The Andy Griffith Show (1960–1968)
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A Girl for Goober 

A new dating service wants to test out its questionnaire that is meant to find people with common interests and pursuits. They focus on Mayberry and soon Goober is filling out the ... See full summary »


Lee Philips


Bruce Howard (teleplay by), Bob Ross (story by)

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Episode cast overview:
Andy Griffith ... Andy Taylor
Ron Howard ... Opie Taylor (as Ronny Howard)
George Lindsey ... Goober Pyle
Aneta Corsaut ... Helen Crump
Ken Berry ... Sam Jones
Nancy Malone ... Dr. Edith Gibson
Tod Andrews ... Mr. Franklin
Maggie Mancuso ... Doris (as Maggie Peterson)
Dick Poston Dick Poston ... Waiter (as Richard Poston)
George Sawaya George Sawaya ... Man
Yvonne Schubert Yvonne Schubert ... Girl (as Yvonne Shubert)


A new dating service wants to test out its questionnaire that is meant to find people with common interests and pursuits. They focus on Mayberry and soon Goober is filling out the questionnaire. Opie tries to tell him that he's not answering the questionnaire correctly - such as saying he read 30 books a month when in fact he reads that many comic books - but Goober perseveres. Soon, he's on a date with the highly educated designer of the questionnaire and it becomes painfully apparent that they have little in common. As things develop however, she soon finds there may be some advantage to the lifestyle and attraction of small-town living. Written by garykmcd

Plot Summary | Add Synopsis


Comedy | Family








Release Date:

25 March 1968 (USA) See more »

Company Credits

Production Co:

Mayberry Enterprises See more »
Show more on IMDbPro »

Technical Specs


Sound Mix:




Aspect Ratio:

1.33 : 1
See full technical specs »

Did You Know?


Maggie Peterson is cast as Doris after five previous appearances as Charlene Darling. See more »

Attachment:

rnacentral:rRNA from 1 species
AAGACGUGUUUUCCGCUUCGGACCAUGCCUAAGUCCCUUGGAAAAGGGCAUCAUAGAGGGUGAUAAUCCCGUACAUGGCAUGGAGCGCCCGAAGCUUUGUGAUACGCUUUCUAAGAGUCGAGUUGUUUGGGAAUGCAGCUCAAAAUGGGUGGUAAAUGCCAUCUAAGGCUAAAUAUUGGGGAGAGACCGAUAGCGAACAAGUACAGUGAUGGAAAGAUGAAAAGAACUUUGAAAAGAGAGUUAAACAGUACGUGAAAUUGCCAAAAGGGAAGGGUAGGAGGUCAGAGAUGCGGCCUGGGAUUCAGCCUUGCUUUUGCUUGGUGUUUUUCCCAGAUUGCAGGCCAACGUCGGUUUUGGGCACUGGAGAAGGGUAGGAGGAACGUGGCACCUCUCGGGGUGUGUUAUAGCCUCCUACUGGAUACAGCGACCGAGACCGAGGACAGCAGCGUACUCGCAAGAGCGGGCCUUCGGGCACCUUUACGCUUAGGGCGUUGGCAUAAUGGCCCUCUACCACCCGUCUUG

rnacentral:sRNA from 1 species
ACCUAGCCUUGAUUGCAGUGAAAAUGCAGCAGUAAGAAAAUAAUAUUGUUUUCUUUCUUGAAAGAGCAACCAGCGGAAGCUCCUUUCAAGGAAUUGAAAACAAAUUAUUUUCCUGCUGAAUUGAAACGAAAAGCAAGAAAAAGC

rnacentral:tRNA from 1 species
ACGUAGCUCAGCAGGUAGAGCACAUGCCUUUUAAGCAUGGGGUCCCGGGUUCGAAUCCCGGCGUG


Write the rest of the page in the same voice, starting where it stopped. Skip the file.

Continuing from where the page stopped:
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User Reviews

Like Barney once said, that'll never last
24 May 2018 | by elbgaSee all my reviews

This is kind of an odd episode, what with seeing Maggie Peterson posing as Sam Jones's girlfriend and with watching Goober's manic singing in the opening scene. When the music stops, TAGS once again excels at the awkward moment of silence as the couples pair off, leaving poor Goob a fifth wheel in the scene. There's not a new sheriff in town, but Floyd's unnamed successor, who has slipped unceremoniously into Mayberry, has brought some city-slicker notions about the profession with him. I doubt even the most desperate PhD in pyschology would fall for a man whose haircut that cost $7.00 in 1968 would actually look like a $7.00 haircut today, not adjusted for inflation, deflation, nor for the unpredictable whims of the arbiters of style. Andy has a funny response to Opie about the price of Goob's new style and throws in a "these kids today" grunt as he walks off. As far as any romance between Edith and Goober goes, once they got past ferns and red barns, they really wouldn't have much left to talk about. Anybody under age 50 will no doubt laugh at the superannuated computer and punch cards whose all but impossible mission was to bring together two people compatible in everything except romantic interest in each other. Apparently, they still haven't worked all the bugs out. Tod Andrews, who plays the business partner here, is about as wooden as Dick Nixon greeting Elvis in the Oval Office. It's obvious he is attracted to Dr. Gibson and perhaps she to him; however, this is the computer age and any romance must have the imprimatur, literally, of the punch card. Of musical interest, when in the epilogue we see Goober struggling with Aristotle on the page, Earl Hagen cleverly inserts a tune from Brahms's Academic Festival Overture, which, the observant TAGS fan will remember, he used previously (in season 5) when Ernest T. was awarded his special diploma for learning that Ol' Man Kelsey's crick was not an ocean.

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